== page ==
Document Type

Book Chapter


Mountain Explorations Publishing Company

Rights and Access Note

In Copyright. All Rights Reserved. Files provided with the permission of the publisher. No part of this book may be reproduced in any manner whatsoever without the written permission of the author/copyright holder, except in the case of brief quotations embodied in critical articles and reviews.

Publication Date


Publisher location

Farmington, Maine

Abstract/ Summary

Author's abstract:

The 1825 fire consumed 832,000 acres, a great deal of it in the Piscataquis River valley, and was nearly four times the size of Maine’s 1947 fires that consumed 220,000 acres. This is the only book that has more than a couple paragraphs about the fire; it includes all the limited amount of recorded information about the fire that started in the township of Guilford and burned in every direction on a compass. Furthermore, it is the only publication of any form that uses existing information to create a possible map of its boundary lines.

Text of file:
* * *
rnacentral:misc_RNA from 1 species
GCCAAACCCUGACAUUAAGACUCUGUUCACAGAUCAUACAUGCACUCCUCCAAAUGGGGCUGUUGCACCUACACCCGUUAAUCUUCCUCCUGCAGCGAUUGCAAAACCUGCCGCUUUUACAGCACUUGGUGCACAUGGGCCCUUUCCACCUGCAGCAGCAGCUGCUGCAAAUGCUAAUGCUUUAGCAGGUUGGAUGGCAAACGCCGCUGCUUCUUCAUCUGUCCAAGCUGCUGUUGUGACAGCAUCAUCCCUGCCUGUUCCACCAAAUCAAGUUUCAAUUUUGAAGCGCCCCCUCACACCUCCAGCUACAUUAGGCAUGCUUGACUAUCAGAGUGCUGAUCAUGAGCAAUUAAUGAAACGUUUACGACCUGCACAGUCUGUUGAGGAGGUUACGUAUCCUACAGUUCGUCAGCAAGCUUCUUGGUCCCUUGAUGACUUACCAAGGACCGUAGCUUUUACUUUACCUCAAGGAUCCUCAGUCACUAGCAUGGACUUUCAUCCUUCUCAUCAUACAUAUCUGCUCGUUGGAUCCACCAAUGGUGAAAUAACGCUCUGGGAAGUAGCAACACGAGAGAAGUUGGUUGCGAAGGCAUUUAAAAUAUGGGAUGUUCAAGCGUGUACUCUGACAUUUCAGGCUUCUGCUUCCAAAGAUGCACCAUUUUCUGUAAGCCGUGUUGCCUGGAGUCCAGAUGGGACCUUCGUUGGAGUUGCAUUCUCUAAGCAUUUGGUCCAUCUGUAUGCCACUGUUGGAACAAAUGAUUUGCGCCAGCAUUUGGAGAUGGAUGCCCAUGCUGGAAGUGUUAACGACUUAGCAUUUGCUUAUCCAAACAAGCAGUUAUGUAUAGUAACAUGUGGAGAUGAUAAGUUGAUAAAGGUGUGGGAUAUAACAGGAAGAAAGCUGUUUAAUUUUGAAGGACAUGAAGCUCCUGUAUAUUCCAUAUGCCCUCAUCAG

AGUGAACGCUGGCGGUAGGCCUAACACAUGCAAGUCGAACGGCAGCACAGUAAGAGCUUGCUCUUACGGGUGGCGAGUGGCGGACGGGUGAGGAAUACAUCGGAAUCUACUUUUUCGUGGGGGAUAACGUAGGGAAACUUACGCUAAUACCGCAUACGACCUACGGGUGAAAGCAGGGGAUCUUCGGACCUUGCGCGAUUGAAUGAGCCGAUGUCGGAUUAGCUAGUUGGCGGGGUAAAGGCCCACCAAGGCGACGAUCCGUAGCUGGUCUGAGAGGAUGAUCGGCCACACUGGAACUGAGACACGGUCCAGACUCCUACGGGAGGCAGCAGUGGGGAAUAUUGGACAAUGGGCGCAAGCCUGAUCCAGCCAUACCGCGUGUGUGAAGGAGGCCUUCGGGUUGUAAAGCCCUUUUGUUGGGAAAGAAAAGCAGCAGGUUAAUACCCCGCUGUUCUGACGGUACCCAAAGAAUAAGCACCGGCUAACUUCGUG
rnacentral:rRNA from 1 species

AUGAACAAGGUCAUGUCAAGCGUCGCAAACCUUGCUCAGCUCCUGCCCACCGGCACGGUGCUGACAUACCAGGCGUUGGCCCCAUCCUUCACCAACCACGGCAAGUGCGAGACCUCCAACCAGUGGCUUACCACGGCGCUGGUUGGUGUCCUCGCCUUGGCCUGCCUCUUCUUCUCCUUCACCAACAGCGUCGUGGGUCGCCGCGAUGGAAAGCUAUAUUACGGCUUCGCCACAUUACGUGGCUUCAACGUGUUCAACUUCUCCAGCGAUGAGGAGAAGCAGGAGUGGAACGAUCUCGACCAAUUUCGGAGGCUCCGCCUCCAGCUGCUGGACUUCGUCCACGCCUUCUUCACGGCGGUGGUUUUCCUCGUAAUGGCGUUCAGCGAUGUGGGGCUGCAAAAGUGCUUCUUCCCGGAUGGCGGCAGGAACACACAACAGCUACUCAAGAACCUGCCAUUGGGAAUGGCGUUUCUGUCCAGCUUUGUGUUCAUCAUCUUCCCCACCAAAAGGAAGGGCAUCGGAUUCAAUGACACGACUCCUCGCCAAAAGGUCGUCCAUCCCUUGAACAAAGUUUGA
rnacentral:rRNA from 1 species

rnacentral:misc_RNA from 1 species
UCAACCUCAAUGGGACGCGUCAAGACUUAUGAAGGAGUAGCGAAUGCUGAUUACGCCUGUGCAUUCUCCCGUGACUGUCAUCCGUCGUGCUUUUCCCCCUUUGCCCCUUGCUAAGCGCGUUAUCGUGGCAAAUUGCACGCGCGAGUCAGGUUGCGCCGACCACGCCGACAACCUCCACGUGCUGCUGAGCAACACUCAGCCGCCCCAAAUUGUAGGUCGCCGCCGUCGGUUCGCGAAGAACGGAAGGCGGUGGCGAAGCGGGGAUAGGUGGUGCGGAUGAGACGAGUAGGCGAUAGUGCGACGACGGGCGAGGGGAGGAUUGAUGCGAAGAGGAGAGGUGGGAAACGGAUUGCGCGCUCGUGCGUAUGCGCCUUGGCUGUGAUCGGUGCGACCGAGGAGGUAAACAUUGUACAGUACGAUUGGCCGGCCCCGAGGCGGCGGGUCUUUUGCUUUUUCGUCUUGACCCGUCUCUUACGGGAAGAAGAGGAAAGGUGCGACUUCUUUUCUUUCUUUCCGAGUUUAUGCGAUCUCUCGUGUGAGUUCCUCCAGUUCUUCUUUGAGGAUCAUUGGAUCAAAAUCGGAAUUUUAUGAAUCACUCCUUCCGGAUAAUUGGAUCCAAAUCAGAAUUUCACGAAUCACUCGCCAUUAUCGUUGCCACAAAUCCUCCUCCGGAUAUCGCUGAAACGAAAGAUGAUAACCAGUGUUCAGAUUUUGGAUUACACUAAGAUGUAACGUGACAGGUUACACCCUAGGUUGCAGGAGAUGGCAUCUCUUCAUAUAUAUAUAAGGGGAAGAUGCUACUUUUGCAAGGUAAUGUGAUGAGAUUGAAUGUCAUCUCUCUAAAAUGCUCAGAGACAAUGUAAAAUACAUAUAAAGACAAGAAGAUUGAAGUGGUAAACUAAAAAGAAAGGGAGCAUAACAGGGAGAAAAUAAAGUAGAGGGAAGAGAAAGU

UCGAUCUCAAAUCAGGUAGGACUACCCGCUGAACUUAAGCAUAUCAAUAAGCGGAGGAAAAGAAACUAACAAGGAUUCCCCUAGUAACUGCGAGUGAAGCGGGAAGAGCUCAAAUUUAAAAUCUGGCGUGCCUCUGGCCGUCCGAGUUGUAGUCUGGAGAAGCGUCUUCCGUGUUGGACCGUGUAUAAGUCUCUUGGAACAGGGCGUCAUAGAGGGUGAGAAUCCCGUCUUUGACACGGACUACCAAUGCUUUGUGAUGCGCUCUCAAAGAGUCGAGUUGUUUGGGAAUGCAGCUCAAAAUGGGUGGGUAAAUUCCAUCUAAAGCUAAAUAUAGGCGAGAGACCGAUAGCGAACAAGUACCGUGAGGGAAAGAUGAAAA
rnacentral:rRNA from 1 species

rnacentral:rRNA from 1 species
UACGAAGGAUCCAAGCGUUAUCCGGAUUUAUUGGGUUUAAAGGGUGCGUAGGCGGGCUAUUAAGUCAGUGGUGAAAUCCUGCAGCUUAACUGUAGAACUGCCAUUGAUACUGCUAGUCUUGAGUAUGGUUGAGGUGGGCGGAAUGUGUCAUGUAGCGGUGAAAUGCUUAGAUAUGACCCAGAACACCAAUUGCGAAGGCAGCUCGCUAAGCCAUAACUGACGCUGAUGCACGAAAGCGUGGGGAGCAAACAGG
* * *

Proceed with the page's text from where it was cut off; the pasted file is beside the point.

The central focus of the book is logging in the aftermath of the fire, the log-driving era of the Piscataquis watershed, c.1800-1953. To know about the great fire (chapter one) leads to a greater understanding of the logging history that followed. Each subsequent chapter is devoted to a major artery of the river and includes two major focal points, “inside the burn” and “outside the burn.” Surprisingly this book is also the only one focused on the history of logging in the log-driving era within the Piscataquis watershed.

This watershed has sections that are every bit as fascinating as those with considerable collected log driving lore. It took lumbermen nearly 37 years to figure out how to successfully drive long logs through Gulf Hagas on the West Branch of the Pleasant River. In a 25 mile segment of the East Branch of the Pleasant River, lumbermen built over 20 dams and side dams, and 1,000s of feet of abutments.

The totality of the book (with no cover) is five downloads. The first section includes chapter one, the fire, and the introduction and acknowledgements sections. The second is the Piscataquis River and its East, West, and South Branches.

This, the third section, is Sebec River, Sebec Lake and Tributaries.

The fourth is the Pleassant River, East and West Branches of the Pleasant River and their Tributaries. The fifth includes chapter five, Schoodic Stream drainage, chapter six, Seboeis Stream drainage, Afterword, Source of Information, and Glossary.


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In Copyright